Williams v. Commissioner of Social Security

Filing 24

OPINION AND ORDER reversing the Commissioner's decision and remanding for further proceedings consistent with this Order. Signed by Magistrate Judge Monte C. Richardson on 9/5/2017. (MEH)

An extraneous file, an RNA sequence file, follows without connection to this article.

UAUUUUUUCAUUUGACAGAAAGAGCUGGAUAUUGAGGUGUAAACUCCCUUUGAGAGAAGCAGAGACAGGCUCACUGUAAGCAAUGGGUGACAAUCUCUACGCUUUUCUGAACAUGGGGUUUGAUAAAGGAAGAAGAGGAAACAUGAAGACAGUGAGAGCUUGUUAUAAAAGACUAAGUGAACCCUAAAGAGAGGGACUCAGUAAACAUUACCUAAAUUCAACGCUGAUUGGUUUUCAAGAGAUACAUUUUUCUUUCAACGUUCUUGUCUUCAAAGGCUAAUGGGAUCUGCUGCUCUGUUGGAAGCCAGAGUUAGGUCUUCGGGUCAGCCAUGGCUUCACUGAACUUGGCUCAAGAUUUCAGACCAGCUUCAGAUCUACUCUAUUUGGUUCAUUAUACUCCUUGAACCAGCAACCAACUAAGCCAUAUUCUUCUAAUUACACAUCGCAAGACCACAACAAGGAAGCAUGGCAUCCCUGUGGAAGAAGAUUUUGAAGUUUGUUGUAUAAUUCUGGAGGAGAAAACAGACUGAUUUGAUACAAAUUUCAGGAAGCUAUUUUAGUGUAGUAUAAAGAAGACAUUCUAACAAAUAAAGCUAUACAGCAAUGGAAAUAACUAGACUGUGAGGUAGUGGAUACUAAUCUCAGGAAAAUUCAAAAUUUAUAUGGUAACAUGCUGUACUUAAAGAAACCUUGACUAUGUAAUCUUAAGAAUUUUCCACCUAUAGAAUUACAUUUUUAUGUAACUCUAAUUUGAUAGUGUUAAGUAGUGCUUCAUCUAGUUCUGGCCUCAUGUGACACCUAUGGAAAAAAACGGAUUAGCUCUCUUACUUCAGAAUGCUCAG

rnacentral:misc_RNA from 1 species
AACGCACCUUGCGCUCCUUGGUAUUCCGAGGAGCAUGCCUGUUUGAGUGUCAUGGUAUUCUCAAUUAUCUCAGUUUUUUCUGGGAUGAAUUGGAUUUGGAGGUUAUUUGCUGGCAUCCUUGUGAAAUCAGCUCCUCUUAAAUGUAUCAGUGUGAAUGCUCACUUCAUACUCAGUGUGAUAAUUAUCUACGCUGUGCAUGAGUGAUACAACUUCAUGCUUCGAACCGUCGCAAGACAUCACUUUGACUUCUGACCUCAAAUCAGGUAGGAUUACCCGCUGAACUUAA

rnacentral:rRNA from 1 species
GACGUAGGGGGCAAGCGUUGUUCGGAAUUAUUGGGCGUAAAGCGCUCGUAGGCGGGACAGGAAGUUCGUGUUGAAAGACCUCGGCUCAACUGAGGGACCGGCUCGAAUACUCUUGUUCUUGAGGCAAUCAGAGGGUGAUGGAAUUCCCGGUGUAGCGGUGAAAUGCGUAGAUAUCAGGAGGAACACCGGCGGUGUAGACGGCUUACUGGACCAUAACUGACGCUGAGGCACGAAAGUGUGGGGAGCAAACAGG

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UNITED STATES DISTRICT COURT MIDDLE DISTRICT OF FLORIDA JACKSONVILLE DIVISION JAMA RONAE WILLIAMS, Plaintiff, v. CASE NO. 3:16-cv-1060-J-MCR ACTING COMMISSIONER OF THE SOCIAL SECURITY ADMINISTRATION, Defendant. ______________________________/ MEMORANDUM OPINION AND ORDER1 THIS CAUSE is before the Court on Plaintiff’s appeal of an administrative decision denying her application for a period of disability and disability insurance benefits. Plaintiff alleges her disability began on June 8, 2012. (Tr. 16, 41.) The assigned Administrative Law Judge (“ALJ”) held hearings on November 20, 2014, at which Plaintiff was represented by an attorney, and October 1, 2015, at which Plaintiff was not represented by an attorney. (Tr. 35-60, 804-38.) A decision, based on the first hearing, was issued on January 9, 2015, finding Plaintiff not disabled from June 8, 2012 through the date of the decision. (Tr. 84-91.) The ALJ’s January 9, 2015 decision was reversed and remanded by the Appeals Council on June 5, 2015. (Tr. 97-99.) On remand, the Appeals Council ordered the ALJ to “[i]f necessary, give further consideration to whether 1 The parties consented to the exercise of jurisdiction by a United States Magistrate Judge. (Doc. 15.) claimant is capable of performing any of her past relevant work.” (Tr. 98.) The ALJ was also directed to ask the vocational expert (“VE”) to “identify examples of appropriate jobs and to state the incidence of such jobs in the national economy.” (Tr. 98.) Further, the ALJ was ordered to “identify and resolve any conflicts between the occupational evidence provided by the vocational expert and information in the Dictionary of Occupational Titles (DOT)” before relying on the VE’s evidence. (Tr. 98.) The ALJ rendered another decision on January 4, 2016, again finding that Plaintiff was not disabled from June 8, 2012 through the date of the decision. (Tr. 16-26.) In reaching the decision, the ALJ found that Plaintiff had “the following severe impairments: degenerative disc disease of the cervical and lumbar spine.” (Tr. 19.) The ALJ also found that Plaintiff had the residual functional capacity (“RFC”) to perform light work “except that the claimant requires the option to change positions between sitting and standing every 30 minutes,” as well as some other limitations. (Tr. 19.) The ALJ determined that “in comparing the claimant’s [RFC] with the physical and mental demands of the work as an elementary school teacher . . . the claimant is able to perform this work as described in the DOT, per the vocational expert’s testimony.” (Tr. 26.) Plaintiff is appealing the Commissioner’s decision that she was not disabled since June 8, 2012. Plaintiff has exhausted her available administrative 2 remedies and the case is properly before the Court. The Court has reviewed the record, the briefs, and the applicable law. For the reasons stated herein, the Commissioner’s decision is REVERSED and REMANDED. I. Standard of Review The scope of this Court’s review is limited to determining whether the Commissioner applied the correct legal standards, McRoberts v. Bowen, 841 F.2d 1077, 1080 (11th Cir. 1988), and whether the Commissioner’s findings are supported by substantial evidence. Richardson v. Perales, 402 U.S. 389, 390 (1971). “Substantial evidence is more than a scintilla and is such relevant evidence as a reasonable person would accept as adequate to support a conclusion.” Crawford v. Comm’r of Soc. Sec., 363 F.3d 1155, 1158 (11th Cir. 2004). Where the Commissioner’s decision is supported by substantial evidence, the district court will affirm, even if the reviewer would have reached a contrary result as finder of fact, and even if the reviewer finds that the evidence preponderates against the Commissioner’s decision. Edwards v. Sullivan, 937 F.2d 580, 584 n.3 (11th Cir. 1995); Barnes v. Sullivan, 932 F.2d 1356, 1458 (11th Cir. 1991). The district court must view the evidence as a whole, taking into account evidence favorable as well as unfavorable to the decision. Foote v. Chater, 67 F.3d 1553, 1560 (11th Cir. 1995); accord Lowery v. Sullivan, 979 F.2d 835, 837 (11th Cir. 1992) (stating that the court must scrutinize the entire record to determine the reasonableness of the Commissioner’s factual findings). 3 II. Discussion Plaintiff raises three issues on appeal. First, Plaintiff argues that the ALJ erred in finding that Plaintiff could perform her past relevant work (“PRW”) as an elementary school teacher because it was contrary to both the VE’s testimony (that the occupation requires a college degree and a teaching certification) and to her testimony (that she has neither). Plaintiff claims the ALJ failed to reconcile the inconsistency in the decision. (Doc. 20 at 1.) Plaintiff also argues that the ALJ failed to give good cause for discrediting the treating opinions of Drs. Connor and Keller. (Doc. 20 at 1.) Plaintiff finally argues that the Appeals Council failed to remand Plaintiff’s case based on the receipt of new and material evidence, including a letter from Dr. Connor and an affidavit from Plaintiff averring that she does not have a college degree or teaching certification. (Doc. 20 at 1.) The Court agrees with Plaintiff that the ALJ erred in finding that Plaintiff could perform her PRW as an elementary school teacher and, therefore, does not reach her second and third arguments on appeal. For an ALJ to determine that a claimant can perform his or her PRW, the ALJ must consider the claimant’s RFC and whether that allows him or her to perform their PRW “either as the claimant actually performed it or as generally performed in the national economy.” 20 C.F.R. § 404.1560(a)-(b) (emphasis added). If the ALJ finds that a claimant cannot perform his or her PRW as actually performed, “he will consider whether the claimant can perform the functional demands and duties of the occupation as 4 generally required by employers throughout the national economy.” Scharber v. Comm’r of Soc. Sec., 411 F. App’x 281, 282 (11th Cir. 2011). It appears from a review of the record that the ALJ determined that Plaintiff could not perform her PRW of elementary school teacher as actually performed because he determined that Plaintiff had the RFC to perform light work with limitations (Tr. 19), and later determined that she actually performed the work at a “medium exertional level” (Tr. 25). The ALJ then determined that Plaintiff had the RFC to meet the physical and mental demands of an elementary school teacher as generally performed in the national economy, as described in the Dictionary of Occupational Titles (“DOT”) #092.227-010.2 (Tr. 25-26.) The ALJ based his decision on the VE’s testimony that the job of elementary school teacher is a light exertion, skilled job within the national economy. (Tr. 25, 56.) 2 The DOT states that the job of elementary school teacher, as performed in the national economy, requires the ability to do the following: Prepares course objectives and outline for course of study following curriculum guidelines or requirements of state and school. Lectures, demonstrates, and uses audiovisual teaching aids to present subject matter to class. Prepares, administers, and corrects tests, and records results. Assigns lessons, corrects papers, and hears oral presentations. Teaches rules of conduct. Maintains order in classroom and on playground. Counsels pupils when adjustment and academic problems arise. Discusses pupils' academic and behavioral attitudes and achievements with parents. Keeps attendance and grade records as required by school. May coordinate class field trips. May teach combined grade classes. May specialize by subject taught, such as math, science, or social studies. May be required to hold state certification. DOT #092.227-010 (emphasis added). 5 However, the VE also testified on cross-examination by Plaintiff that a teaching certification is a prerequisite to working as a teacher in Florida.3 (Tr. 56.) Plaintiff averred that she did not have a bachelor’s degree or her teaching certification and was only able to previously work as a teacher because she was “grandfathered in” at the specific private Christian school at which she worked. (Tr. 56-57.) The ALJ then asked the VE whether she would be certified to teach based upon her testimony and the VE responded that he would have to see her transcripts and verify her certification, but reiterated that she would not be able to work as a teacher without those prerequisites. Whether or not the claimant is represented at the hearing, the ALJ has a duty to develop a full and fair record. See Brown v. Shalala, 44 F.3d 931, 934 (11th Cir. 1995) In certain cases, a determination that a claimant can perform his or her PRW requires “a careful appraisal of . . . supplementary or corroborative information from other sources such as employers, the [DOT], etc., on the requirements of the work as generally performed in the national economy.” Social Security Ruling (SSR) 82-62, 1982 WL 31386, 3 (S.S.A. 1982). Sufficient documentation should be obtained to support the decision, including “[d]etailed information about strength, endurance, manipulative ability, mental demands and other job requirements,” and a failure to obtain such information results in a failure to fully develop the record. Id. (emphasis added); see also Pinto v. 3 Plaintiff was not represented by counsel at the hearing. 6 Massanari, 249 F.3d 840, 847 (9th Cir. 2001) (holding that “in order for an ALJ to rely on a job description in the DOT that fails to comport with a claimant’s noted limitations, the ALJ must definitively explain this deviation.”); see also Miller v. Halter, 11 F. App’x 872, 874 (9th Cir. 2001) (reversing the ALJ’s decision that the claimant could perform her PRW as a registered nurse without a CPR certification because “[t]he ALJ had a duty to flesh out the CPR certification issue and easily could have done so on the record.”); see also Johnson v. Comm’r of Soc. Sec., 2013 WL 461278, 6 (M.D. Fla. 2013) (holding that the ALJ failed to meet the requirement of fully developing and explaining his step-four finding); Thompson v. Astrue, 2010 WL 3878700, 7 (M.D. Ala. 2010) (stating that the ALJ cannot “pick and choose between the records selecting those portions which support his ultimate conclusion.”) The ALJ failed to address the inconsistency between the VE’s discussion of the DOT and Plaintiff’s testimony.4 The ALJ failed to acknowledge the teaching certification issue in his decision despite the VE stating that it was required in Florida, despite Plaintiff averring that she lacked such certification, and despite the VE responding that she could not work as a teacher without the prerequisite. Because the ALJ had the duty to fully and fairly develop the record, and to explain any deviation from the DOT (as explained by the VE) in his 4 The Appeals Council in its prior remand ordered the ALJ to address any conflicts between VE testimony and the DOT. 7 decision, his failure to do so (by failing to address the inconsistency contained within the record) constitutes error. Moreover, the error was prejudicial to Plaintiff, as she was found incapable of performing her PRW as actually performed, and the ALJ did not provide alternative findings as to other jobs that she could perform in the national economy. See Kelley v. Heckler, 761 F.2d 1538, 1540 (11th Cir. 1985) (holding that a showing of prejudice requires at least “a showing that . . . the ALJ did not consider all of the evidence in the record in reaching his decision”); see also Brown v. Shalala, 44 F.3d 931, 935 (11th Cir. 1995) (finding that “there must be a showing of prejudice to trigger a remand to the [ALJ] for reconsideration”). In light of this conclusion, the Court need not address Plaintiff’s remaining arguments. See Jackson v. Bowen, 801 F.2d 1291, 1294 n.2 (11th Cir. 1986) (per curiam); Freese v. Astrue, 2008 WL 1777722, at *3 (M.D. Fla. Apr. 18, 2008). However, on remand, the ALJ should also re-evaluate the opinions of Drs. Connor and Keller. Accordingly, it is ORDERED: 1. The Commissioner’s decision is REVERSED pursuant to sentence four of 42 U.S.C. § 405(g) and REMANDED with instructions to the Commissioner to: (a) reassess Plaintiff’s past relevant work and her ability to return to it, (b) re-evaluate the medical opinions of Drs. Connor and Keller, explain the weight given to these opinions and the reasons therefor, (c) reassess 8 Plaintiff’s RFC, if necessary, and (d) conduct any further proceedings deemed appropriate. 2. The Clerk of Court is directed to enter judgment consistent with this Order and close the file. 3. In the event that benefits are awarded on remand, any § 406(b) or § 1383(d)(2) fee application shall be filed within the parameters set forth by the Order entered in In re: Procedures for Applying for Attorney’s Fees Under 42 U.S.C. §§ 406(b) & 1383(d)(2), Case No.: 6:12-mc-124-Orl-22 (M.D. Fla. Nov. 13, 2012). This Order does not extend the time limits for filing a motion for attorney’s fees under the Equal Access to Justice Act, 28 U.S.C. § 2412. DONE AND ORDERED at Jacksonville, Florida, on September 5, 2017. Copies to: Counsel of Record 9